None of them were quite awake enough to be sociable, but Imogen was glad for Tilda's company as they headed for the pit toilets. Was this what it would be like to live with someone? A boyfriend, in Tilda's case. A wife, in Beck's. Someone to brighten your day with companionship? Help you with ordinary tasks? Sometimes Imogen thought she wanted that, and other times she told herself it would be too annoying—cleaning up after another person, having them around when she wanted to be alone, sharing a bed. Arguing.

In college the trio had started out in an apartment together—financed by their busy, guilt-ridden parents—but Imogen had moved back to her dad's when she quit school. A few years later, with her dad's help, she'd gotten her own small apartment. She'd lived alone since then. It was hard sometimes, having to handle every single contingency by herself. Laundry, meal prep, paying the bills. Walking to Rite Aid for ibuprofen in the middle of a migraine. Sitting in the dark alone when the electricity went out. She'd suspected for a while that she might be missing out on something, but hadn't figured out how to remedy it. Joining the synagogue was meant to be a beginning.

After their pit stop they headed toward where they'd hung the food the previous evening. Even a short walk helped to loosen Imogen's cranky legs.

"Did you sleep well?" she asked Tilda.

"Great. Better than I expected."

Imogen beamed; Tilda might be a full-on outdoor enthusiast by the end of the week. She could already hear her exclaiming, "Why didn't you make me do this sooner?" But all her good vibes withered when she spotted their bright blue food bag—not swaying on its branch as it should have been, but resting in the dirt.


They hurried to the bag. It lay open, on its side.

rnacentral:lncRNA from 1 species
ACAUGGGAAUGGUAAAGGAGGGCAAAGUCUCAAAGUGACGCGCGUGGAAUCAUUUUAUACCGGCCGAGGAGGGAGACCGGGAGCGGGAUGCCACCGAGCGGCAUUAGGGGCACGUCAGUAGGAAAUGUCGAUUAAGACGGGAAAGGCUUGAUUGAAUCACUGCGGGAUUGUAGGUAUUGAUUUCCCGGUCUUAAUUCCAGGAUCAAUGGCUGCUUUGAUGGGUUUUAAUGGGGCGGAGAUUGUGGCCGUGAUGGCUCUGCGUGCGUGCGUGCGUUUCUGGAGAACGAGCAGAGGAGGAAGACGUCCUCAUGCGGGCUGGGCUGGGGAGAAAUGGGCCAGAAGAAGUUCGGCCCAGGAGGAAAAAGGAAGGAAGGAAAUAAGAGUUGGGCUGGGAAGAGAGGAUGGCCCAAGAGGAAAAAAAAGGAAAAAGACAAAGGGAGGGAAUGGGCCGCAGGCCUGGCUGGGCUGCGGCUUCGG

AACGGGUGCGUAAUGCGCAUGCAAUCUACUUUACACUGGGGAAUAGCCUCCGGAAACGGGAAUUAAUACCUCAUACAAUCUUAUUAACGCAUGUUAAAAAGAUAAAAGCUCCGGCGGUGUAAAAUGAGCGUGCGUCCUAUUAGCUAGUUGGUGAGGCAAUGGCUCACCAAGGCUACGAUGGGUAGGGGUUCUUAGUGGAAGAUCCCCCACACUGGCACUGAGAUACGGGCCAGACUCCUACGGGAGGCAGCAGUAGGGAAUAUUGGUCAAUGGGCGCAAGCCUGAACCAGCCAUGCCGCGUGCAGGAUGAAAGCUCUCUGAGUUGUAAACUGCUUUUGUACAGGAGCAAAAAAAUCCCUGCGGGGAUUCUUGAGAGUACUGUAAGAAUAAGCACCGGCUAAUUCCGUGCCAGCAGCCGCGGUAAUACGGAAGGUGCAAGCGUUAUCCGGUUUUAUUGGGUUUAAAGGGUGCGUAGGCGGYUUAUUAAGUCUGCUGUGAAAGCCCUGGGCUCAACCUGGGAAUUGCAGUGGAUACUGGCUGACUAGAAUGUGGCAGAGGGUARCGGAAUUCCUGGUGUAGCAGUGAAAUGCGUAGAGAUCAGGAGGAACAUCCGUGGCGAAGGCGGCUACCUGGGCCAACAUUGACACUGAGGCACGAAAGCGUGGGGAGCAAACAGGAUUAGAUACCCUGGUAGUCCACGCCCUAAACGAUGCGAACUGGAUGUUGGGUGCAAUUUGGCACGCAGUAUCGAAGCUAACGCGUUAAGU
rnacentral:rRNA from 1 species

"I knew I didn't get it high enough off the ground. Beck's gonna kill me."

In a panic, Imogen dropped to her knees and sorted through the contents, taking a quick inventory. If too much was damaged or eaten…She couldn't—simply couldn't—be the reason they had to leave the Canyon early; they'd never had to abandon a backpacking trip before. And she wasn't ready to go. If one day in the Canyon could do so much, who would she be after seven days? She wanted the chance to find out.

Imogen looked for signs of gnawing—tooth marks or ragged holes. She expected to find the spilled contents of instant oatmeal or gorp. But she didn't. And then she realized the drawstring bag had been opened, not chewed.

"Imogen?" Tilda's voice—uncertain, borderline alarmed—instantly drew Imogen's attention. "Look." She held the end of the thin rope that still hung from the tree. "I'm not an expert. I'm not anything…But this looks cut to me. Cut with a knife."

"That's…" Imogen wanted to say impossible. But there were no teeth marks on the food or the bag. And the rope…had clearly been sliced at an angle. A clean angle.

Had they been robbed?

Excerpted from Getaway by Zoje Stage. Copyright © 2021. Available from Mulholland Books an imprint of Hachette Book Group, Inc.